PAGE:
Using ideal triangular blast load with duration time t_{d} three different loading regimes can be defined [21,33], impulsive loading regime, dynamic regime and quasi-static regime. In the impulsive regime, t_{max} (when the maximum displacement occurs) is much longer than t_{d}. In dynamic regime these two times approximately are near each other and in the quasi-static regime t_{max} is much shorter than t_{d}. Note that in the quasi-static regime, if the rise time of pressure is so long that the structure does not create inertia forces, loading will be turned to complete static load [2,23].

**Moment-curvature Analysis of RC Section**

The finite element software OpenSees, which has been created by the PEER center, can simulate the behavior of various structural systems [37-42]. This software is an open code and free package that using finite element method, analyzes a variety of structures and has modules that simplify the modeling and analysis process. To perform RC section analysis in OpenSees, three different material model for steel, non-confined concrete and confined-concrete (core of the section) should be defined. Here, In order to M-θ analysis a subprogram that exists in finite element software OpenSEES has been used [43]. In this subprogram, the classical theory of Euler-Bernoulli to calculate moment-curvature of reinforced concrete section is used [36]. The concrete materials model Concrete01 Material-Zero Tensile Strength type has been selected [44] which is based on the model of Kent-Park regardless of the tensile strength of concrete [45]. In this model, the stress in the confined core concrete is calculated using the following Equation 16:

(16)

Where, fc is the compressive strength of standard cylindrical sample of concrete (MPa), ε_{c} is strain in the concrete. Parameters in this equation and in which is stirrup yield stress, ρ_{s} is stirrup volume ratio to the core volume of the concrete, h is the width of concrete core in mm (from outside of stirrup) and s is stirrup intervals (mm). Maximum concrete stress is equal to which occurs at the strain =0.002K and the ultimate stress is also assumed to be that at the ultimate strain will occur.

For covering concrete (non-confined) in the above equations =0 assumption is made.

For steel rebar material model, linear elastic-perfect plastic has been used which is available in OpenSEES library as Steel01 Material model. In **Figure 6** an example of obtained moment- curvature diagram for assumed column section at the initial state (without strain rate effect) with different levels of axial load has been shown. Characteristics of the section are described at section 6.

The equation of motion of single degree of freedom system without damping, under dynamic load PE is described with an ordinary differential Equation 17 as follow, where u(t) is displacement of the middle height of column.

Elastic and plastic stiffness (K_{E,el} and K_{E,pl}) are dependent on time and slightly modified in each computational step, due to the effects of strain rates.

The equivalent load PE is expressed with a simple equation P_{E}=K_{L} Both sides of the equation 17 can be divided to the load coefficient of and thus all available statements, other than statements of equivalent mass, will be equal to its actual value and elastic and plastic equivalent mass (M_{E,el} and M_{E,pl}) will be obtained by multiplying the total mass of the column (Mb) to load-mass coefficient (KLM) which for a simple member with a distributed uniform load we have: M_{E,el}=0.78M_{b} and M_{E,pl}=0.66 M_{b}.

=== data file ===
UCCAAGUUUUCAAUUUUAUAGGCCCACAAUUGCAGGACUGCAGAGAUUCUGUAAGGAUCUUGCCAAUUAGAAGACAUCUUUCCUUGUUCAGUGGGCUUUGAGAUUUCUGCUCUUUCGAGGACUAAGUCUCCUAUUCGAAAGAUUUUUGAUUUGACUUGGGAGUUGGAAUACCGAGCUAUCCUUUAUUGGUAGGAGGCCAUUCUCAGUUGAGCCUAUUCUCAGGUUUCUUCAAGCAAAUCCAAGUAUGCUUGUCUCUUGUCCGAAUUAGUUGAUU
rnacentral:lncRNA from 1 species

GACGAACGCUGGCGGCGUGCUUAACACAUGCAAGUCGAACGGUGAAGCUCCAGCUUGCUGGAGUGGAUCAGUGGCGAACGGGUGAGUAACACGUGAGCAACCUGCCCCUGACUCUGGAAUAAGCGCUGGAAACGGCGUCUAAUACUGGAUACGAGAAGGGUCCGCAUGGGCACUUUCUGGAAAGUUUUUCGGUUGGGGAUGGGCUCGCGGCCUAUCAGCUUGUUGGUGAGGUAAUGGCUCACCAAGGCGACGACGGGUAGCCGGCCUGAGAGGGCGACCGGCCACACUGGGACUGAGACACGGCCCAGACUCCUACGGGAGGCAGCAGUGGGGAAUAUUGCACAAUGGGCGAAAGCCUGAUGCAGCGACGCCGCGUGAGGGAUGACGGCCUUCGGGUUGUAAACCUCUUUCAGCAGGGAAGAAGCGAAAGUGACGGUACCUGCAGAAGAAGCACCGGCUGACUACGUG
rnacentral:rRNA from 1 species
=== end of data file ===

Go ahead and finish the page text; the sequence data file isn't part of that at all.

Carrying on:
So, we have:

(18)

At the next section, solving this differential Equation 18 by finite difference method FDM will be done [44-46].

According to available experimental results, with increasing strain rate, tensile and compressive strength of concrete remarkably will be increased [47-50], its elasticity modulus somewhat will be larger [47,51], the propagation process of cracks [47,52] is changed and ultimate strain of concrete also is increased [53,54]. At high strain rates, steel material's strength often up to 50%, compressive strength of concrete to 100% and tensile strength of concrete up to 600% increase [55]. Dynamic increase factor (DIF) describes the ratio of dynamic resistance of material to its static resistance and is applied for considering the increasing strength of materials at high strain rates [48,55]. According to the recommendations Comité Euro-Internationaldu Béton (CEB), DIF factor for concrete in compression is in accordance with Equation 19 [56]. This equation for strain rate range of 30×10-6 to 300 S-1 is valid.

(19)

In which the subtitles d_{yn} represents the dynamic state and Dynamic increase coefficient for strains corresponding to the maximum and ultimate stress of concrete respectively has been given with Equations 20 and 21 [56].

(20)

(21)

In reinforcing steel at high strain rates, yield and ultimate stress is increased and its ultimate strain is also increase [47,55,57]. Malvar and Crawford from published data resulted by high strain rate tests on steel bars, have suggested an Equation 22 to estimate steel DIF coefficient for ultimate and yield stress as follows [55].

(22)

In which for the yield state α=0.074-0.040×fy/414 and for the ultimate state is α=0.019-0.009×f_{u}/414 that f_{y} and f_{u} are static yield and ultimate strength of steel, respectively. The above equation is established for steel with yield strength of 710-290 MPa and strain rate of 0/0001 to 225 S^{-1}. Basically, in the various strain rates no change is considered in the elastic modulus and the strain of reinforcing steel [47,56-58].